I’ll close with a comment from Grace about moderation, which had been my goal before reading her book.  She explains about how dopamine creates tolerance, so that the brain craves more than just one drink. Her words ring so true to me, 90 days in:

Moderation is like an alcohol diet that will continue for the rest of your life.

Instead of struggling with moderation (and poisoning my body in the process) I am choosing to abstain, and I feel better than I have in years.

Bright Ideas and Inspirational Quotes

Beth, Gabby and Susu brave the snow blizzard at the Denver Zoo! (Pops took the picture, and Kevin took 2-year-old Izzy back to the car early.... it was freezing!)

Beth, Gabby and Susu brave the snow blizzard at the Denver Zoo! (Pops took the picture, and Kevin took 2-year-old Izzy back to the car early…. it was freezing!)

Happy 4th Day of Christmas! We got home from Denver last night, after spending five wonderful days with two of our “kids” and all four granddaughters, and the magic of a white Christmas. Being a city girl, it’s always fun for me to see the wildlife near our children’s homes… this time two coyotes and several rabbits. Our days were spent playing games (7 different games with the girls!), watching football, eating (of course!) and catching up on the lives of our kids who live so far away. Every day was special, but a couple of special memories are the night we went to Zoo Lights with our daughter and her family… only to encounter a blizzard as we tried to walk through the beautiful sights!

Guinea Pig Nativity bookAnother special memory was reading A Guinea Pig Nativity with our son’s daughters, and then playing with their Guinea pigs, Snowy, Noah, and Luke. (This is a wonderful little book, even if your kids or grands don’t have Guinea pigs!) Here’s a hilarious You-Tube video of a live Guinea Pig Nativity play!

Snowy and Luke

Snowy and Luke

 

 

 

Pops getting ready to read A Guinea Pig Nativity to Grace and Anna

Pops getting ready to read A Guinea Pig Nativity to Grace and Anna

 

 

My first gift from Jared!

My first gift from Jared!

Oh, and exchanging gifts. I love presents… to give them and to receive them. And to watch our granddaughters spend hours enjoying their new toys and games.

I was blessed to receive several really special things this year, including earrings from Jared, personalized stationery, personalized traveling jewelry case, Echo Dot for my office (we also have them in our bedroom and den), individual fondue mugs (I love chocolate fondue!), and more.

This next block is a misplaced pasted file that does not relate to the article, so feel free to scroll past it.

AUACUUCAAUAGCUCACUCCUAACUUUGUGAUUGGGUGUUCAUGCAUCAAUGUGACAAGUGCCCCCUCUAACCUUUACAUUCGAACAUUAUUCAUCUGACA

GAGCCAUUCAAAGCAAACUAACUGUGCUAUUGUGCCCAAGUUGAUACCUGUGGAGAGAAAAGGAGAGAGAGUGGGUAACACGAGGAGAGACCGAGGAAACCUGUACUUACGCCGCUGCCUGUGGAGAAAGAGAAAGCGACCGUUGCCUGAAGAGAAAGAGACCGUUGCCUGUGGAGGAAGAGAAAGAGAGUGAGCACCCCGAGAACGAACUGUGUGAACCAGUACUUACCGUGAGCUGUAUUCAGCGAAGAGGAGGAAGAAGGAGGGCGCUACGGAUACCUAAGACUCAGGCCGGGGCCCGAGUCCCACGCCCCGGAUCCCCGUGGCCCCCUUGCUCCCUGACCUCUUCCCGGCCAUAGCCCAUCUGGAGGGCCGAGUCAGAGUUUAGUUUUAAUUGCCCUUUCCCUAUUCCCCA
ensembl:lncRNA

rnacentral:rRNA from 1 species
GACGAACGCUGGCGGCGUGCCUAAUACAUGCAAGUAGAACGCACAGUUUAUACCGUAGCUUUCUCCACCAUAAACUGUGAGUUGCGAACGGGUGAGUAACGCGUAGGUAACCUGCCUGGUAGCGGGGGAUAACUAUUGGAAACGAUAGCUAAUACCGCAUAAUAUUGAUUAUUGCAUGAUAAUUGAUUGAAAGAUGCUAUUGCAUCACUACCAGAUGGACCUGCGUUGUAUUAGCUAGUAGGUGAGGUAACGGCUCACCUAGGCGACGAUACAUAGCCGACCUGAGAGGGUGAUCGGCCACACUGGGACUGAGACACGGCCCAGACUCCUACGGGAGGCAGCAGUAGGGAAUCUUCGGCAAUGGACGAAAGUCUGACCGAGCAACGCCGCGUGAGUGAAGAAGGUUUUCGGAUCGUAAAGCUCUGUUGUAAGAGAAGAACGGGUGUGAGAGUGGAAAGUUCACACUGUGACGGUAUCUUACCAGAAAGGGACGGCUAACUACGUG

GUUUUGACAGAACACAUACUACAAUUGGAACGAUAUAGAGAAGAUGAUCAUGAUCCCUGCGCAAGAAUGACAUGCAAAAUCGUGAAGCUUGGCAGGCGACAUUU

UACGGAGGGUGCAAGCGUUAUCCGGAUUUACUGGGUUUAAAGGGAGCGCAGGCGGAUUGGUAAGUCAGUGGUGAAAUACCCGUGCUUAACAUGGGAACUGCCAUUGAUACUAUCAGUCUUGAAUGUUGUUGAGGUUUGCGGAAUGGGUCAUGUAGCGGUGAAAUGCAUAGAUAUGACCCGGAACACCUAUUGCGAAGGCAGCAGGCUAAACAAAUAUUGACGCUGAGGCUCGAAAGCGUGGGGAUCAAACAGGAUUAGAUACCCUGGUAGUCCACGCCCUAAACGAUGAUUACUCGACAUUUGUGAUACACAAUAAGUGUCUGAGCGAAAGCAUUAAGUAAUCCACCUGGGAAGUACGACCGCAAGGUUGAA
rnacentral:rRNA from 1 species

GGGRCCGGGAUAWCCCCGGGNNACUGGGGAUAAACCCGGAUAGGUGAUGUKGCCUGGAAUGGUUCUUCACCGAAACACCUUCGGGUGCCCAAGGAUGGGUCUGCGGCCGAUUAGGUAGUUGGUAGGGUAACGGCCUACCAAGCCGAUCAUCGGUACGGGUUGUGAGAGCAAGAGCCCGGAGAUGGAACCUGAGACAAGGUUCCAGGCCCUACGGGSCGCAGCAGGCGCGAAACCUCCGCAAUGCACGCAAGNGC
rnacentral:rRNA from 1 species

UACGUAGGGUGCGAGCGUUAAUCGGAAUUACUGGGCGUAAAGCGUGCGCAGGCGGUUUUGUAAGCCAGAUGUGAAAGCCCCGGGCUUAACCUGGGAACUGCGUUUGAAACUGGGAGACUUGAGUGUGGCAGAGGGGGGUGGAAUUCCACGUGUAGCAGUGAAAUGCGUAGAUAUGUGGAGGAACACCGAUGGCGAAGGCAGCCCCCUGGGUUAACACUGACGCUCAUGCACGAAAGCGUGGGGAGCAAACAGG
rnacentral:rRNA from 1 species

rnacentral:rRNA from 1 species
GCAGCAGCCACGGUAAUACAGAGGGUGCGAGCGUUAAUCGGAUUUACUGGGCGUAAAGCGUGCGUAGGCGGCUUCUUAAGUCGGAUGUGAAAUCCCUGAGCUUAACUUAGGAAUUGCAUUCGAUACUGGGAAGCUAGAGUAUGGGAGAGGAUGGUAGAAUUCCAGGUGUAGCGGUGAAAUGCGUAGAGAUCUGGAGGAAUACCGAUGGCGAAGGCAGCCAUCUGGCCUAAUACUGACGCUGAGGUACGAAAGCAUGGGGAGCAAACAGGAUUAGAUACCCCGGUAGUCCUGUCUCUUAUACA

3 gifts

 

My daughter and daughter-in-law both know how much I love quotes. Beth (my daughter) gave me this wonderful book, A Woman’s Book of Inspiration: Quotes of Wisdom and Strength, edited by Carol Kelly-Gangi.

Work Hard

 

 

My daughter-in-law See gave me this little “Bright Ideas” set with a wooden stand and a collection of quotes you can change out on the stand. So I’m going to post some of the quotes they sent me from time to time here on my blog. Starting with today.

From “Bright Ideas”:

work hard.

stay humble.

From A Woman’s Book of Inspiration:

Everyone has inside of her a piece of good news. The good news is that you don’t know how great you can be! How much you can love! What you can accomplish! And what your potential is! – Anne Frank

I chose these quotes to share today because as I approach the beginning of a new year, I move forward with thankfulness for the good things that happened in 2017 but also with an eagerness to begin something new… a new book, or two! And also to learn to love more, as Anne Frank said. And as Tim McGraw sings:

When those dreams you’re dreamin’ come to you
When the work you put in is realized
Let yourself feel the pride but
Always stay humble and kind

Thanks, always, for reading (even when I’m gone for a week during the holidays!) and remember that I love to hear from you, here or on Facebook or Twitter.

Christmas Day at Beth Cushman Davis and Kevin Davis's lovely new home, with their family and Jason and See Cushman and family.

Christmas Day at Beth Cushman Davis and Kevin Davis’s lovely new home, with their family and Jason and See Cushman and family.

Book Tour, the Beach and Praying With Icons

On the porch at Sundog Books in Seaside

On the porch at Sundog Books in Seaside